Many of its competitors have financial challenges in terms of thin balance sheets and this suggests the odds are skewed towards Posco going forward. Posco has near the lowest leverage of all its peers. In addition, with iron ore prices potentially falling in coming years due to new capacity coming on line, the specialist low cost producer is poised to best benefit.


Posco also has an advantage in that it has right sized its operating footprint and is able to maintain higher capacity utilization in all market conditions. This is a huge advantage to have and results in strong recurring cash flows because Posco is able to spread certain costs such as R&D and maintenance capital expenditures over higher capacity utilization rates than peers. This is why Posco has been solidly profitable for a least the past 19 years. This results in less operating leverage when demand picks up but the advantages are clear and the downside is less in poor market conditions when competitors may face bankruptcy if conditions persist.


Korean importers find it very tough to compete with Posco and this has resulted in steadily increasing market share in Korea (2013 market share was 43% up from 39% in 2008). The advantage Posco had in the 2009 recession is even more pronounced. In 2009, steel tonnage demand dropped by 22% in Korea and the worldwide utilization rate fell to 58%. However, Posco’s utilization rate only dropped to 90% as Korean importers were unable to compete with Posco and incurred volume declines of 50% or more.


Posco has a natural advantage by maintaining capacity utilization near 100%. Maintenance capital expenditures should average about 7% of the installed cost for an integrated steel mill (less for a steel mini mill). Less competitive steel companies are forced to dedicate a larger portion of the sales price to maintenance capital expenditures and with the world steel market at a capacity utilization of 78%, Posco has a big advantage. Because of this Posco actually has an additional advantage in tough market conditions. If industry fundamentals were to erode further from here, Posco would be impacted less than its less competitive peers due to its cost advantage and high capacity utilization. Many of Posco’s competitors today are operating on thin margins and over leveraged balance sheets. As this causes some of these less competitive steel companies to under invest in maintenance capital expenditures, Posco’s advantage long term will be further enhanced. In a weak steel environment Posco’s advantage is clear. It’s able to expand production and take market share from weaker rivals that are forced to cut back with less efficient facilities.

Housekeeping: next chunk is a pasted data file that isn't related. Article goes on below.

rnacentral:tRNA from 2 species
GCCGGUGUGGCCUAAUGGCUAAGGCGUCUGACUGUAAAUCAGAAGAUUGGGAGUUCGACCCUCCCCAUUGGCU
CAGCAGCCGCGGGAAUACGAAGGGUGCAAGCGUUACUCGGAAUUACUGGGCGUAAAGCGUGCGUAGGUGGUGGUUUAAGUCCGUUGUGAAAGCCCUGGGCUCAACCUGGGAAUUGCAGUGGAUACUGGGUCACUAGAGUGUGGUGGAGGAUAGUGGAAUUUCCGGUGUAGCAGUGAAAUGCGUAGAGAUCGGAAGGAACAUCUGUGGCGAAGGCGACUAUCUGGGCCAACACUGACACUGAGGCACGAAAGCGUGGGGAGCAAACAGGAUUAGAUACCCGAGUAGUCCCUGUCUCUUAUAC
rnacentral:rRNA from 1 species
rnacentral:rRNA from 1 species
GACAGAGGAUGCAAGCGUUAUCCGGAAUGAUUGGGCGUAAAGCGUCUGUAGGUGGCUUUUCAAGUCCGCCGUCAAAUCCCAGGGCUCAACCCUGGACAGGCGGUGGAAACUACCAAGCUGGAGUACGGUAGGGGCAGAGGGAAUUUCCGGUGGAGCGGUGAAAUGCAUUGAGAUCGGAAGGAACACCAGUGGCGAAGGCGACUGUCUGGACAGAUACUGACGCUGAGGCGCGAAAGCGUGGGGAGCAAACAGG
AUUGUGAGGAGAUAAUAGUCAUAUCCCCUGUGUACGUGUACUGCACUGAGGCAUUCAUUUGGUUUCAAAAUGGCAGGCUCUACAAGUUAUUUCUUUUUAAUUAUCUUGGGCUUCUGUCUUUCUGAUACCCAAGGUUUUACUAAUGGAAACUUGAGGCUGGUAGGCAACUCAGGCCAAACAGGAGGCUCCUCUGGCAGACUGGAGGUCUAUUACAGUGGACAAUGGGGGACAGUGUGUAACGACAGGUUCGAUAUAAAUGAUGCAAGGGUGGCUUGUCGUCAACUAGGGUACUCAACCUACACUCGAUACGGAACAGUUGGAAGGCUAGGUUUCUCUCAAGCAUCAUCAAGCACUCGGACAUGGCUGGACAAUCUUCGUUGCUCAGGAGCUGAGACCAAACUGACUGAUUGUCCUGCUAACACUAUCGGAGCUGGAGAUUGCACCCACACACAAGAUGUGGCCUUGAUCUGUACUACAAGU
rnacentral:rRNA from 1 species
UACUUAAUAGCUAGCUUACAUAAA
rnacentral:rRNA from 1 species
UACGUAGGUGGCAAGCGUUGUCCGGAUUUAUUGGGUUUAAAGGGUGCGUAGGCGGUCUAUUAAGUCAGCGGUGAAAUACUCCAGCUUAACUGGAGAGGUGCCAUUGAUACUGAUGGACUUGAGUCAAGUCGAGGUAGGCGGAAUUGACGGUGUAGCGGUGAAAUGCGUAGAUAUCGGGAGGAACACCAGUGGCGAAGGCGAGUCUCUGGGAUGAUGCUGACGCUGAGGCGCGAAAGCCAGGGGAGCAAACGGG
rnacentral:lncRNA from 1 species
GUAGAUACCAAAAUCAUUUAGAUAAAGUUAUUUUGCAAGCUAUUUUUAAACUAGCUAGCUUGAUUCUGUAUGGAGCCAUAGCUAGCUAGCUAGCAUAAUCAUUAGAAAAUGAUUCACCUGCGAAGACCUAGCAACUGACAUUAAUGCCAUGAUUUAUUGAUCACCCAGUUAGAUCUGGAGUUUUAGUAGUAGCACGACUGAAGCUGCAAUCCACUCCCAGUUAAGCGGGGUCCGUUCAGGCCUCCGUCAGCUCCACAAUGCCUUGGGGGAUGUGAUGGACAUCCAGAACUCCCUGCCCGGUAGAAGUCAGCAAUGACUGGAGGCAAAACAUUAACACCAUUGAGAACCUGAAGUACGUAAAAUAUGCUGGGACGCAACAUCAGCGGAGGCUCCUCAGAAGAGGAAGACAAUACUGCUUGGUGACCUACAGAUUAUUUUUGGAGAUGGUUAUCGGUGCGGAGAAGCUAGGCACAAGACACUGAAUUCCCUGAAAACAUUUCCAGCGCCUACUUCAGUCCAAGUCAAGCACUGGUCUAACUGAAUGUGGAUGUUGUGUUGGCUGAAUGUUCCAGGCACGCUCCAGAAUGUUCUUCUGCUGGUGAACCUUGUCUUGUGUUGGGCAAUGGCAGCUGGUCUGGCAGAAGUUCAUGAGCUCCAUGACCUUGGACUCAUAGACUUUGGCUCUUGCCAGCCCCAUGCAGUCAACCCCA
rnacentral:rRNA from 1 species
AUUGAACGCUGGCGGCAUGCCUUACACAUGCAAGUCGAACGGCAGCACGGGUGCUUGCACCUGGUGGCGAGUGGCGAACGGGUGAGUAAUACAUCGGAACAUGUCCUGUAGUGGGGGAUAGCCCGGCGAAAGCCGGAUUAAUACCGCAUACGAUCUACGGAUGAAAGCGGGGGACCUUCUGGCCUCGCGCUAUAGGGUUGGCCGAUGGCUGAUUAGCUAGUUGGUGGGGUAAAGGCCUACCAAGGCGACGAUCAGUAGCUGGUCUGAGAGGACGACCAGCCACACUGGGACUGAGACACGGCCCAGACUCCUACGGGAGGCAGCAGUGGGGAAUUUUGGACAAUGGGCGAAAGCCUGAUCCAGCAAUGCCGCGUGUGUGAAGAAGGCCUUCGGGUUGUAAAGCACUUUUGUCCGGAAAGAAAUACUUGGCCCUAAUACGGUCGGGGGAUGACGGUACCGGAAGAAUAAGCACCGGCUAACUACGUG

Iron ore capacity will significantly outpace demand in the next few years


Posco uses 1.7 tons of iron ore per ton of steel and this represents 20% of its gross cost per ton of steel produced. Since 2009, iron ore prices have increased significantly. Prior to the big run up in iron ore beginning in 2009, iron ore represented 13-15% of Posco’s cost per ton of steel produced. High iron ore prices have caused a wave of planned supply that will be hitting the market in significant quantities over the next few years from miners such as BHP Billiton, Vale and Rio Tinto. Based on the cost curve of iron ore producers and the historical average ratio of steel prices to iron ore, the price is likely to remain at the lower level it’s fallen to this year. Iron ore prices are currently around $70 per ton vs. $135 per ton in December of 2013. There is a 9-12 month lag time before Posco will benefit from these lower prices.


According to Deutsche Bank, big miners such as BHP, RIO and Fortescue are in the process of adding 80-100 MTPA of supply in 2014. Additionally, India placed a ban on iron ore mining in 2012 that displaced 46 MTPA in exports. The government has asked the Supreme Court to revisit the issue and this could lead to overturning the ban. In October of 2013, Vale’s head of Ferrous and Strategy Jose Carlos Martins said iron ore supply is expected to grow faster than demand going forward. By as early as 2015, the market will be in oversupply. According to Goldman Sachs, the world iron ore market will be in oversupply in 2014 by 82 MTPA. Many large projects are expected to begin coming online including a $20B project built by Vale in Brazil. This will be the world’s largest iron ore complex and will add 90 MTPA of capacity expected to begin production in 2016. Australia is the world’s largest iron ore exporter and over the next five years, Australia’s iron ore exports are expected to increase from 554 MTPA to 831 MTPA.



Sum of the parts